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The initial reaction by most hard-working “wage earning” Americans would be that welfare and or food stamps should be a part of an overall work requirement program, and although the recent recession and high unemployment rate in Pennsylvania forced the suspension of the work requirement program known as SNAP, a segment of the program should have continued requiring beneficiaries to volunteer or attend a work-training program for a minimum 20 hours a week in order to maintain benefits.

The fault actually lies with the state for suspending the entire program; now 30,000 Pennsylvania residents could reportedly be at risk of losing their food stamp benefits next year, as the state begins to again enforce certain work requirements for beneficiaries of the program.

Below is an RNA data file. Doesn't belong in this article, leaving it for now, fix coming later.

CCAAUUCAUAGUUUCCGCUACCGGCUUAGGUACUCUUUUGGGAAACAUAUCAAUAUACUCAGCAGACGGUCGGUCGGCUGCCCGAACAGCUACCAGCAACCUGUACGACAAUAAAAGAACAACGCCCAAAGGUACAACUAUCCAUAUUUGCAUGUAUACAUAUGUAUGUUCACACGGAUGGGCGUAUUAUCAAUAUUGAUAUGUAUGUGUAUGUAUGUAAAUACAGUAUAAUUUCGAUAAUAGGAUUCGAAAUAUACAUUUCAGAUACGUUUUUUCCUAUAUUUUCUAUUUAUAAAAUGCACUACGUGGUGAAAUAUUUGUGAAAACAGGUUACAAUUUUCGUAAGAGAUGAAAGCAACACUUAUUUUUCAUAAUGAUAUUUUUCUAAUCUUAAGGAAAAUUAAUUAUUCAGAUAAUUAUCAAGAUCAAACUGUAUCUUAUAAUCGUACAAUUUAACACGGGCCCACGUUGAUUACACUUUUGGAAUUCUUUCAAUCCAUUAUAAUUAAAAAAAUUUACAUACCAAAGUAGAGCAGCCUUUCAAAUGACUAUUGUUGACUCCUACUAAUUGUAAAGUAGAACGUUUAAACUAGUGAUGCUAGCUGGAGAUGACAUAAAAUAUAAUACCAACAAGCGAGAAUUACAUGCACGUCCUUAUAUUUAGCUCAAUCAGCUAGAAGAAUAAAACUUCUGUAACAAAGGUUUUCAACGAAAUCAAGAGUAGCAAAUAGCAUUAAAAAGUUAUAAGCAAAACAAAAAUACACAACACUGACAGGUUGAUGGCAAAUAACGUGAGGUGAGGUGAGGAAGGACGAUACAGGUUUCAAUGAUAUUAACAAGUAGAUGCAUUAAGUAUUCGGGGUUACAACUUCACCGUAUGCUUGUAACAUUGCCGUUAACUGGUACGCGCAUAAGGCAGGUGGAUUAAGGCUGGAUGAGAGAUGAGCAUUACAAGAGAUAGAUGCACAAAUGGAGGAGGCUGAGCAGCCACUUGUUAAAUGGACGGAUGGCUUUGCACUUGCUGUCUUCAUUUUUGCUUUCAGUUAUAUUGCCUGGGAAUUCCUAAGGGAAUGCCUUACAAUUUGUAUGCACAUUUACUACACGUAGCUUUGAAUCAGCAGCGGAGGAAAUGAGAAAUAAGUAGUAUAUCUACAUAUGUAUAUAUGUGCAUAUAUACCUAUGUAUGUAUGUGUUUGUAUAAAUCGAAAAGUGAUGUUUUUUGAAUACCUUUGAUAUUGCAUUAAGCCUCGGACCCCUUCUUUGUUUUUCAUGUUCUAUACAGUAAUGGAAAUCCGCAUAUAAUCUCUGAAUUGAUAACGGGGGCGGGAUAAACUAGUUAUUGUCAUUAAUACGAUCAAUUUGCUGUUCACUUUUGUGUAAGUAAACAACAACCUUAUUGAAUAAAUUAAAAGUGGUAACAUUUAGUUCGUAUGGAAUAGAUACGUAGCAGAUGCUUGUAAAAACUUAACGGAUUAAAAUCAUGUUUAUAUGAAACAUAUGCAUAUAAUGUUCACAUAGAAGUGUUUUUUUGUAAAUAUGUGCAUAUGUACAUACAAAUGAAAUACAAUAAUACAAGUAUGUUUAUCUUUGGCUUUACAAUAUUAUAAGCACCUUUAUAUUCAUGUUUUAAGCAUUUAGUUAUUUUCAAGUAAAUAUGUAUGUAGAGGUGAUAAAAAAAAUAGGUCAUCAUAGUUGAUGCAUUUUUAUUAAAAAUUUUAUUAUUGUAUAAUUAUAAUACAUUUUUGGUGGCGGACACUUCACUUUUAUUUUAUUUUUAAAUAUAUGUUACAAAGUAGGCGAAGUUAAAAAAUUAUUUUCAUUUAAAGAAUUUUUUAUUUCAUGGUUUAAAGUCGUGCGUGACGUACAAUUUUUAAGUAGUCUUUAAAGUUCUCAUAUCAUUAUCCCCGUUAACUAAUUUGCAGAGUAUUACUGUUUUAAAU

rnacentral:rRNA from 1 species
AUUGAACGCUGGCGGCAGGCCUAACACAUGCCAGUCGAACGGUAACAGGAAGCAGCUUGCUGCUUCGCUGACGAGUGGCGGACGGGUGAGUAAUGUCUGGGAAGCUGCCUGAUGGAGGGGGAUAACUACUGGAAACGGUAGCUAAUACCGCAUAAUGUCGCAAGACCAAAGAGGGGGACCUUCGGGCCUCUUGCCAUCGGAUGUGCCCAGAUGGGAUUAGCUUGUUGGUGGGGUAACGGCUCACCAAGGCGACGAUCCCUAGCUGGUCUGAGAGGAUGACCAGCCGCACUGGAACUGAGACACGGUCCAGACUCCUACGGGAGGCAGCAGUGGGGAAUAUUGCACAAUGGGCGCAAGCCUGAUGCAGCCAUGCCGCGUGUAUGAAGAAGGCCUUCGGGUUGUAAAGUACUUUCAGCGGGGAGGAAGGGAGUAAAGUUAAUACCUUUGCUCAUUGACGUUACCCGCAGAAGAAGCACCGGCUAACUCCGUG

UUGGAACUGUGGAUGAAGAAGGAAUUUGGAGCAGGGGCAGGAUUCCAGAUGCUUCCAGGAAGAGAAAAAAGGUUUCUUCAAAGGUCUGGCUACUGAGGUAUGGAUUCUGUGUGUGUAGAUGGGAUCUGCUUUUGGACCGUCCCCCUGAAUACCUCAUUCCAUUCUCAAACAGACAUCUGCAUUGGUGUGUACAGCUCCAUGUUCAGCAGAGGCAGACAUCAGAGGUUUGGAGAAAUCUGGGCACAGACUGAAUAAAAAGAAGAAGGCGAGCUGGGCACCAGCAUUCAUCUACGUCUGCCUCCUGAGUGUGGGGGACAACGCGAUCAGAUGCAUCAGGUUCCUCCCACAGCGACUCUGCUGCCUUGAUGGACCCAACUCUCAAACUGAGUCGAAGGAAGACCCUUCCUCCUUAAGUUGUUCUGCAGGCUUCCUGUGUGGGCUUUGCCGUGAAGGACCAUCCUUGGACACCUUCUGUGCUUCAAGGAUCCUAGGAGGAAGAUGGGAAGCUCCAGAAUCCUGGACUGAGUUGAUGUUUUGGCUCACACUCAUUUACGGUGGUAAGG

A return to the requirements would mean certain individuals will be subject to a three-month limit on assistance. After such a time, individuals would be required to work, volunteer or attend a work-training program for a minimum 20 hours a week in order to maintain benefits.

In Pennsylvania, the rules will not be applied evenly geographically, which will allow certain areas with high unemployment or other employment issues to be exempt from the rules or have the rules waived.

Obviously local economic conditions should be a consideration, however exempting or waiving a healthy welfare recipient from doing volunteer work or attending a work-training program sends the wrong message to both the welfare recipient and the “wage earner” who in actuality is funding the program.

Source: Opposing Views

 

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